Retiarius:  The DC of the Strength check the creature makes to escape a net or lasso you threw becomes 8 + your proficiency modifier + your Strength or Dexterity modifier. Additionally, you maintain a hold on the line of nets and lassos you throw, up to 15 feet away, and you can use a bonus action to attempt to shove a creature held this way (moving it towards you or knocking it prone).
Dimachaerus: When wielding two weapons, when you make an attack of opportunity, you may attack the creature who provoked the attack twice (once with each weapon).

Additional Fighting Styles
At 15th level, you can choose a second option from the Fighting Style class feature. This can be changed with your Adaptive Style feature.

Rudiarius
At level 18, you are recognized as a veteran of the arena and granted a special badge of honor (in Rome, this was a wooden rod or practice sword, known as a rudis or rudem, and the gladiator was also freed from slavery when this was awarded). You are of course still welcome to fight, and are very popular with crowds, able to demand very large purses and favors. You may also be called upon as a referee or trainer of new gladiators.
Additionally, choose one of the following options. You can choose one of the same styles you selected previously or a different one.
Scutarius: While wielding a shield, if a creature misses you with a melee attack, you may use a reaction to make a melee attack against that creature.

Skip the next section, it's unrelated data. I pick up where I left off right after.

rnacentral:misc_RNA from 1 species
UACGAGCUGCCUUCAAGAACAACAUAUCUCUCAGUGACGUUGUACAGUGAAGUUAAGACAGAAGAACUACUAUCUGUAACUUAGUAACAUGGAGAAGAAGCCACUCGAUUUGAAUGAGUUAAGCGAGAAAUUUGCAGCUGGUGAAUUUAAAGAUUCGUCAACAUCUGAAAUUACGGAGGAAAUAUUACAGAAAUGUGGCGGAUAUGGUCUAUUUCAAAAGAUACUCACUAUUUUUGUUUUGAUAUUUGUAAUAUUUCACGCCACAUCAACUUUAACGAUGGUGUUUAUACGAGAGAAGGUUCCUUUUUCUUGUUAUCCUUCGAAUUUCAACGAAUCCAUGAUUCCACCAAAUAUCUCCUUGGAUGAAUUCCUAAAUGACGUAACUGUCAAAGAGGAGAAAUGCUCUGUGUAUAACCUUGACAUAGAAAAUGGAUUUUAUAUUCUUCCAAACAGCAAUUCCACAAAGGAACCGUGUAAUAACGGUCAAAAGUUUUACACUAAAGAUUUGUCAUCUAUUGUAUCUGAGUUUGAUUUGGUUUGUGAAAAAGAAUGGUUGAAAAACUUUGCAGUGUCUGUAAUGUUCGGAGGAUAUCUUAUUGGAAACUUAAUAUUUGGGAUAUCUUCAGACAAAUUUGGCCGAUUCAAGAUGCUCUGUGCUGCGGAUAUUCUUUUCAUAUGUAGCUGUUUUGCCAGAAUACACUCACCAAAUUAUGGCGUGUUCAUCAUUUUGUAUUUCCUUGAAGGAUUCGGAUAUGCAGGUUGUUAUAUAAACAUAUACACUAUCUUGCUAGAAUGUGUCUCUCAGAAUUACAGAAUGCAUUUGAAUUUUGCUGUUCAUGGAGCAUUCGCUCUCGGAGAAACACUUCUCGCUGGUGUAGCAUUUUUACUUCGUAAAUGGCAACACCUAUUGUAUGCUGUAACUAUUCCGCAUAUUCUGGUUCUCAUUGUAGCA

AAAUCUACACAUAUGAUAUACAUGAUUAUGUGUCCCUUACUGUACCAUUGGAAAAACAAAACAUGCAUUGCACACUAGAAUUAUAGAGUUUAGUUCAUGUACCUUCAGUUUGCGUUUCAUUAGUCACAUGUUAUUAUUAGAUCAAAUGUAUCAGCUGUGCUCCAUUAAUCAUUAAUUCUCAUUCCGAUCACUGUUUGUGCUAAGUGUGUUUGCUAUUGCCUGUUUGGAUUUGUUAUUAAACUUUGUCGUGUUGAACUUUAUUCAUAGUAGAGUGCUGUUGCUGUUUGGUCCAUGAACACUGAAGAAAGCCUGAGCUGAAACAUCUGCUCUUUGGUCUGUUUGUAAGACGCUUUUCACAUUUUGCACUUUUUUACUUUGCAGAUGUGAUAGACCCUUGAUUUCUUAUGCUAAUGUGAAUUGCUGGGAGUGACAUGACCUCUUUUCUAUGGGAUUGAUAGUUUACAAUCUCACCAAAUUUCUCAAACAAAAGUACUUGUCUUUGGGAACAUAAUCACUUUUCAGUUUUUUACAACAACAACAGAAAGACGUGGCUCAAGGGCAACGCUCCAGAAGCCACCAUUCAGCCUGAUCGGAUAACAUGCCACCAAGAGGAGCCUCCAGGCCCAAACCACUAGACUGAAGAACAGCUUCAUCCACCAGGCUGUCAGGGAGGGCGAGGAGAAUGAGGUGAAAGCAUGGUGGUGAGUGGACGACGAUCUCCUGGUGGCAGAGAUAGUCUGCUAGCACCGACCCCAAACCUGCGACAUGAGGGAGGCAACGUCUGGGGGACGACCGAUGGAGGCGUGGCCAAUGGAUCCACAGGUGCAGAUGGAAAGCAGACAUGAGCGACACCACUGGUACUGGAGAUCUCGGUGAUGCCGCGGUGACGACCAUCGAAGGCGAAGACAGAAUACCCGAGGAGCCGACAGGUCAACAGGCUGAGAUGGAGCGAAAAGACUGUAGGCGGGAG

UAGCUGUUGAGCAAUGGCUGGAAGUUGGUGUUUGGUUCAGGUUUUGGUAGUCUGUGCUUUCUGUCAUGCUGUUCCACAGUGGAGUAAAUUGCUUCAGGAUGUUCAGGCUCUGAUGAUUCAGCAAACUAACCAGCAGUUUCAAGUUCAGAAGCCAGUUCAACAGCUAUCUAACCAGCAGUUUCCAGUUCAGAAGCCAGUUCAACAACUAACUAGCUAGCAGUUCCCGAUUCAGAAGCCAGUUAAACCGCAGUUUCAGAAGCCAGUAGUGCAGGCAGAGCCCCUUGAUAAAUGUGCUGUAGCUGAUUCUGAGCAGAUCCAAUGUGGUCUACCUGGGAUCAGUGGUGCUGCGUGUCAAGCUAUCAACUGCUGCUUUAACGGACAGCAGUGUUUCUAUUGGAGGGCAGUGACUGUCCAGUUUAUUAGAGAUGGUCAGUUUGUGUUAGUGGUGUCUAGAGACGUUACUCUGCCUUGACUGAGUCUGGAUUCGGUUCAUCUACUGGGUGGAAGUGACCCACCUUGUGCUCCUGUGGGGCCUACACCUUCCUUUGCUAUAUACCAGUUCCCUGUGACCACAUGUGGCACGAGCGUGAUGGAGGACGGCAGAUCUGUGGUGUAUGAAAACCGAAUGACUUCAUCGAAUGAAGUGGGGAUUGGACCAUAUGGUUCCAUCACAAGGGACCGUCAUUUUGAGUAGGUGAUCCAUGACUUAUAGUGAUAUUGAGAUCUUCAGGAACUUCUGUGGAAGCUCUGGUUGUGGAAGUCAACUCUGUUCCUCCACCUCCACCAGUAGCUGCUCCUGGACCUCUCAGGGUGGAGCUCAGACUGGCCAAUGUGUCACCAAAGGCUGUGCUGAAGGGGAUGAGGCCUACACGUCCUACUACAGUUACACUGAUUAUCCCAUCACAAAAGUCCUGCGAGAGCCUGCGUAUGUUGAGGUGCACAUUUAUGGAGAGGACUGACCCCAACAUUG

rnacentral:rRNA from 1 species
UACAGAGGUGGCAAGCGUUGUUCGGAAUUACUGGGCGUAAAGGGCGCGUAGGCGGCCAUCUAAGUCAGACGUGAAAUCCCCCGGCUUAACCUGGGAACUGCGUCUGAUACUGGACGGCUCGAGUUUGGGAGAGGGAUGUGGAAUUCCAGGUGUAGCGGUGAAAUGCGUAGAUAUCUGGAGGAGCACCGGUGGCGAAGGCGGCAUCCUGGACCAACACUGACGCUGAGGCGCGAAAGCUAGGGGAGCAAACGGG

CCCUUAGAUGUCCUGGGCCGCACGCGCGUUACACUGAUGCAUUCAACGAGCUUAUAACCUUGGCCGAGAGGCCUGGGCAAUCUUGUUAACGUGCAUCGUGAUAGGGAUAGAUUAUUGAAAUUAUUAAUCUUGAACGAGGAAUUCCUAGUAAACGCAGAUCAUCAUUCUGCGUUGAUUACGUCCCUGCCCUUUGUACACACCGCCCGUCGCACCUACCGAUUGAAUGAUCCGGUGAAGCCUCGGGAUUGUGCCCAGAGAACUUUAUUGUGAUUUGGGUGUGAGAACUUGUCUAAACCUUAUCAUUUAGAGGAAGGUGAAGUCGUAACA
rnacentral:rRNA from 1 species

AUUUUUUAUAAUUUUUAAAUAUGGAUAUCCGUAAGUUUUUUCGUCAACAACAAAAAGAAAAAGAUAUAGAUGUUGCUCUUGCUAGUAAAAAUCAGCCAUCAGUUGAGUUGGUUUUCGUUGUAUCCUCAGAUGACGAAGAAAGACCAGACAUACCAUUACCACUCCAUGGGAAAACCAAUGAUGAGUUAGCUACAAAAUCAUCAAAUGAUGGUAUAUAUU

Retiarius: Once per turn, when you hit a creature who is restrained or prone with a weapon attack, the attack deals an additional 1d12 damage.
Dimachaerus: While wielding two weapons, if the attack granted by your bonus action hits, you may make another attack with the same weapon.

Some additional notes on gladiator equipment:
Armor:
Gladiators rarely wore heavy armor, as the crowd liked to be able to see wounds, and heavy armor was too hot and exhausting for the flashy fighting style. The manica, helm, greaves and belt worn by most gladiators would be equivalent to studded leather, while the very light armor without a helm used by the retiarius would be the equivalent of cloth armor. Some gladiator types were given breastplates or a mail shirt, usually when matched against multiple opponents. At the DM’s option, in a setting designed to emulate ancient Rome, such characters would not be proficient with heavy armor, but would be proficient with shields. Granting the character an additional skill proficiency would be a possible substitute for the feature.
Weapons:
Lassos were employed as well as nets for fighting both beasts and other gladiators. A lasso functions as a net, but requires only 2 points of slashing damage to free a trapped creature. It can be fashioned from rope; two lassos can be made from a  50 foot length.
Most gladiators fought with light weapons in one-on-one fights, such as short swords, daggers, and the sica (scimitar). Spears, javelins, and of course tridents were also relatively common. In larger mock battles, the full range of military weaponry, including bows and horses, would be employed. One emperor famously had a naval battle staged, with fully-crewed boats fighting in a water filled arena.